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As the telecommunications market has been opened up, the telephone side of the business has decreased due to more competition. The company still has the responsibility of maintaining and developing the UK's phone network but BT internet is an increasingly important part of its business. Its emergence as a major ISP is perhaps a logical move, given that the telephone and internet service use the same line.

The company's home page shows that it serves both home and office users. Go to the BT broadband pages and you'll see a range of packages that give you the option of choosing broadband only or adding phone and TV. The phone feature has the option of cheap broadband calls so you can talk for less - but most offer this.

Central to the service is the Home Hub, a router that provides wireless broadband throughout the home. The service promises the best speed available on your phone line and there's a checker available to run a speed test on it. If you want to add mobile broadband to the package, a one-off fee gets you a USB modem dongle so you'll have internet availability while you're out. BT business broadband offers a complete service that can include web hosting, a domain name, software applications and full communications along with broadband.

Although BT has previously had a rather staid image, its broadband service has generally been highly rated. BT Total Broadband was named best wireless broadband in the Top 10 Broadband Awards of 2009. Customer reviews generally praise the fast connection, reliable service and easy set up although there are the usual criticisms of support, with the call centre being overseas.

The company is in the process of converting its network to fibre optic but, given that it has a countrywide infrastructure, this is a long process. A pilot scheme for 10,000 new homes in Kent in 2008 was followed by trials to existing users in London and South Glamorgan, and to business premises in Glasgow in 2009. An investment of 1.5 billion aims to provide fibre optic cabling to 10 million premises by 2012. However, existing premises will still have co-axial copper wire from the street cabinet into the building. A BT fibre optic broadband micro site at www.bt.com/fibre was launched in November 2009 to provide information about fibre optic services.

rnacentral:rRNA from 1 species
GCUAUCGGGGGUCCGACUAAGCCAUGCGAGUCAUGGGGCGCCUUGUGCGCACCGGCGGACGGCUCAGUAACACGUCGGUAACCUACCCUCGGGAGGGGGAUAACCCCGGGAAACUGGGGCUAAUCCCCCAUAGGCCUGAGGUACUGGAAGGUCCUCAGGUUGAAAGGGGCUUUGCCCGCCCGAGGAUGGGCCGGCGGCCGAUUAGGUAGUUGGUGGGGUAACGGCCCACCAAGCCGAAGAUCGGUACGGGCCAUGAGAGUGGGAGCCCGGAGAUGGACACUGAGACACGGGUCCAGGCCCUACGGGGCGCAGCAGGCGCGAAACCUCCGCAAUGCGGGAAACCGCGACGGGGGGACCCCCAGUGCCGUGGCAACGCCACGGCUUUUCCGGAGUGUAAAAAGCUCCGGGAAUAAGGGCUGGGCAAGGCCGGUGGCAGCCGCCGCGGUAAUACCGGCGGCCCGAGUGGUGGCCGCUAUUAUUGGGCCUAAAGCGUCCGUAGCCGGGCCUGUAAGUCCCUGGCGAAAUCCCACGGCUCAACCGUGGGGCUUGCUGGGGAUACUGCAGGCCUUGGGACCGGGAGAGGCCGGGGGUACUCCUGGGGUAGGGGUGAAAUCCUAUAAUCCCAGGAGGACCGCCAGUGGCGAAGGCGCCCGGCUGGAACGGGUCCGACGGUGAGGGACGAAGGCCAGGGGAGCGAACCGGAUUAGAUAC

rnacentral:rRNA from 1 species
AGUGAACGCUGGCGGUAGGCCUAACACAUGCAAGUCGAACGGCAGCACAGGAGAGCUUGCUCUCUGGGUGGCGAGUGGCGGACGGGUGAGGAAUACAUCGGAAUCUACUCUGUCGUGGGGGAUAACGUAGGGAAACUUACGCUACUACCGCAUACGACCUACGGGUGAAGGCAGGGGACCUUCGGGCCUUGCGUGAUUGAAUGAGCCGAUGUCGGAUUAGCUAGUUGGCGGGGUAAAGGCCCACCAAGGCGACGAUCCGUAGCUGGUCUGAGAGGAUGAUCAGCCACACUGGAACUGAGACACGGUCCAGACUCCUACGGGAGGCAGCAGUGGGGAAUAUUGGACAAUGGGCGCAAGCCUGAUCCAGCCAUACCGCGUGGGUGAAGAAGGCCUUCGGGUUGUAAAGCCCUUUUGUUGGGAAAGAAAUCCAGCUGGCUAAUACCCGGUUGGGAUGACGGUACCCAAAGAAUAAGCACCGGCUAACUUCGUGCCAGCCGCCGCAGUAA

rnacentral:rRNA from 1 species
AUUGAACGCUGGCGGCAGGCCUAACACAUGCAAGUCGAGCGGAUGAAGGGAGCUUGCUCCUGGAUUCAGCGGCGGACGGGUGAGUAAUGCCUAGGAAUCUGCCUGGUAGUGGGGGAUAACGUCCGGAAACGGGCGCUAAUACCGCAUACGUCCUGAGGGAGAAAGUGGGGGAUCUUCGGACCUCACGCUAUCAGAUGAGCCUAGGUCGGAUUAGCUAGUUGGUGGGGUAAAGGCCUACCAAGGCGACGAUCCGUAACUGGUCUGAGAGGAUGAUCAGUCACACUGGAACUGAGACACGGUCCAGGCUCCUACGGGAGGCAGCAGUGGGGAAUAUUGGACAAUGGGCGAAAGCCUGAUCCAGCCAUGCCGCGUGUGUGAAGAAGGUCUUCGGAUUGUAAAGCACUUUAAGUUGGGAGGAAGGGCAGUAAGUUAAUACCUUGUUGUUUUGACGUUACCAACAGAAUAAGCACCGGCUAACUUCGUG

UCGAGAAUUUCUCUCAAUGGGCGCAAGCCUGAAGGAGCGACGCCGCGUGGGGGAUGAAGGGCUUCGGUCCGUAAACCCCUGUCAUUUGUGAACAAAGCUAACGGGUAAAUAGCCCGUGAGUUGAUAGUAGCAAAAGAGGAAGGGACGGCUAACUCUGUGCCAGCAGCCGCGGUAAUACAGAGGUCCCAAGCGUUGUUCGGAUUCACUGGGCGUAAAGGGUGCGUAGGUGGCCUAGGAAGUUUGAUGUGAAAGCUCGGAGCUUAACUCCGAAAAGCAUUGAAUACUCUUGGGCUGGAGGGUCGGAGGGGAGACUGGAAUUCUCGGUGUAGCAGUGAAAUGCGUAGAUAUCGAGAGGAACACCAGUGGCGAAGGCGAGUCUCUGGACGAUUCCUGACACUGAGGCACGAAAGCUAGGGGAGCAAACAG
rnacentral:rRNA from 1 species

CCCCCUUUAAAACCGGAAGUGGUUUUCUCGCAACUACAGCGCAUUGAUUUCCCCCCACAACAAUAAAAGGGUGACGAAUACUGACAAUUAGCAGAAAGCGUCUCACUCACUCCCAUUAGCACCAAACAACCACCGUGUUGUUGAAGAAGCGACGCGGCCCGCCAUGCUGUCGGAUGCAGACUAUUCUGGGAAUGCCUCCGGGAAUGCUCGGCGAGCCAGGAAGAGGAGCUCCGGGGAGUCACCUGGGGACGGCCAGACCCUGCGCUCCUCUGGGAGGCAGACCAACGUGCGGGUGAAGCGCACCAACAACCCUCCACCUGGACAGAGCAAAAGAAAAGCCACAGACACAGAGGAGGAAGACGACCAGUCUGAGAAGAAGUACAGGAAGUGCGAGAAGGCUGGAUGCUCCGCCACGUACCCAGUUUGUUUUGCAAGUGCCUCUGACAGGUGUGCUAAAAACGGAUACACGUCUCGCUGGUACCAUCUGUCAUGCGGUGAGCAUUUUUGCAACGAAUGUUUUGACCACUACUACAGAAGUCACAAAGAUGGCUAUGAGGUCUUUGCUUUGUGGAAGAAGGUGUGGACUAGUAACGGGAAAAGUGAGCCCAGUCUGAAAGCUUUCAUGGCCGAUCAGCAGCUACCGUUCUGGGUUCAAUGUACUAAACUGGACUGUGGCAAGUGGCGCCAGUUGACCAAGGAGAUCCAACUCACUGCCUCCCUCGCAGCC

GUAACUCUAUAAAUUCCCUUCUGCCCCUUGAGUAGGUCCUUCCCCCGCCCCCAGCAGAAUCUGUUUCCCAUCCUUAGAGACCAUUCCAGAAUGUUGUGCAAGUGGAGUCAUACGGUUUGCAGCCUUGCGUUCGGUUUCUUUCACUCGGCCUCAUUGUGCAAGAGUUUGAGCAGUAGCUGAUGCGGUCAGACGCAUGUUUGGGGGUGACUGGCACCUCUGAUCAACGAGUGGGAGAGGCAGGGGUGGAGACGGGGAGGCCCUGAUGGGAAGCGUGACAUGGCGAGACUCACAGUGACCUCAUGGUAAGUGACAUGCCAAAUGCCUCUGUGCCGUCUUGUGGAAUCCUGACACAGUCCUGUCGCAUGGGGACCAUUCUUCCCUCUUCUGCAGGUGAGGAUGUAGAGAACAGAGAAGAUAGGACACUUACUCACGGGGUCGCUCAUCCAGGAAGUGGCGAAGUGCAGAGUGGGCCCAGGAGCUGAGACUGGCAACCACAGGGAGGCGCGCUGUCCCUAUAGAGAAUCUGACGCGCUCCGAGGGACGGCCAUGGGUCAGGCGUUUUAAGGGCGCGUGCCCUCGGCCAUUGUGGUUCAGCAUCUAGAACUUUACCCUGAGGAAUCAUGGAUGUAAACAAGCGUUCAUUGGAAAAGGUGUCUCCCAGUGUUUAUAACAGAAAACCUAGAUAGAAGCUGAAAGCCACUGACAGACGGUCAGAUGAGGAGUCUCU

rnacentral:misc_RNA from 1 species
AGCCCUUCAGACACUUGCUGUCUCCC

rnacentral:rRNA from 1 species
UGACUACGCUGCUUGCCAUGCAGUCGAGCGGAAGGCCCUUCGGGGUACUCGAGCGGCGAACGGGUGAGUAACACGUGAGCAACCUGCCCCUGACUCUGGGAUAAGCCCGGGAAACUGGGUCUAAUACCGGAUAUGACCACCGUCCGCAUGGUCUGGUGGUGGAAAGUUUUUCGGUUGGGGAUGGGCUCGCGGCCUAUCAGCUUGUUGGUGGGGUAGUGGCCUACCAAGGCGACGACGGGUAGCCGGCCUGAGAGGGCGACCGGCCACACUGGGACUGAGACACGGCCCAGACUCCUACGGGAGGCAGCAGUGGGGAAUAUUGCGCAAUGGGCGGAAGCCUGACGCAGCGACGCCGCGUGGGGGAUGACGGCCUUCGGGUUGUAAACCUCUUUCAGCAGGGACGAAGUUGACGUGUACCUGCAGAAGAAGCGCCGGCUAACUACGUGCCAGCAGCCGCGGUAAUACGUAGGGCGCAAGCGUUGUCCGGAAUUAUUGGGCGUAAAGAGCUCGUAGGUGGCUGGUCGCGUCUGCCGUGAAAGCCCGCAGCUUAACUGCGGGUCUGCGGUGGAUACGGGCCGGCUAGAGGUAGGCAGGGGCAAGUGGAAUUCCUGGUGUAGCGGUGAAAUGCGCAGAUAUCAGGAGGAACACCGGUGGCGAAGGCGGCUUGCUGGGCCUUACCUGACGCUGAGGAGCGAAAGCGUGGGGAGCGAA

The company acquired Ribbit, a web-based phone service in 2008. It announced in November 2009 that it was launching a trial that will allow mobile users to access calls and messages from anywhere.

An allegation by the British Phonographic Industry that 100,000 illegal downloaders use BT Broadband has been denied by the company. It claims that the BPI's evidence is incorrect and that it has already written to suspected illegal downloaders. The BPI, however, was unimpressed and believed BT could do more.

Although BT doesn't have the best of images, its broadband service seems highly regarded. Its Home Hub is certainly a big attraction, offering the latest n router technology, an inbuilt firewall and automatic update features. The compnay does tick most of the boxes, including the availability of VoIP for cheap phone calls. However, in some ways it's bit like a Skoda, with a reputation that lingers despite improvements in standards. In addition, there are cheaper deals going so I'd be tempted to shop around before making a choice.

A word of warning, though. Our office broadband used to be provided by Orange and whenever we had a problem with the line Orange would take days getting in touch with BT to get it sorted out. If you live in a line troubled area, having your internet connection with the source may have it's benefits in relation to problem solving? †

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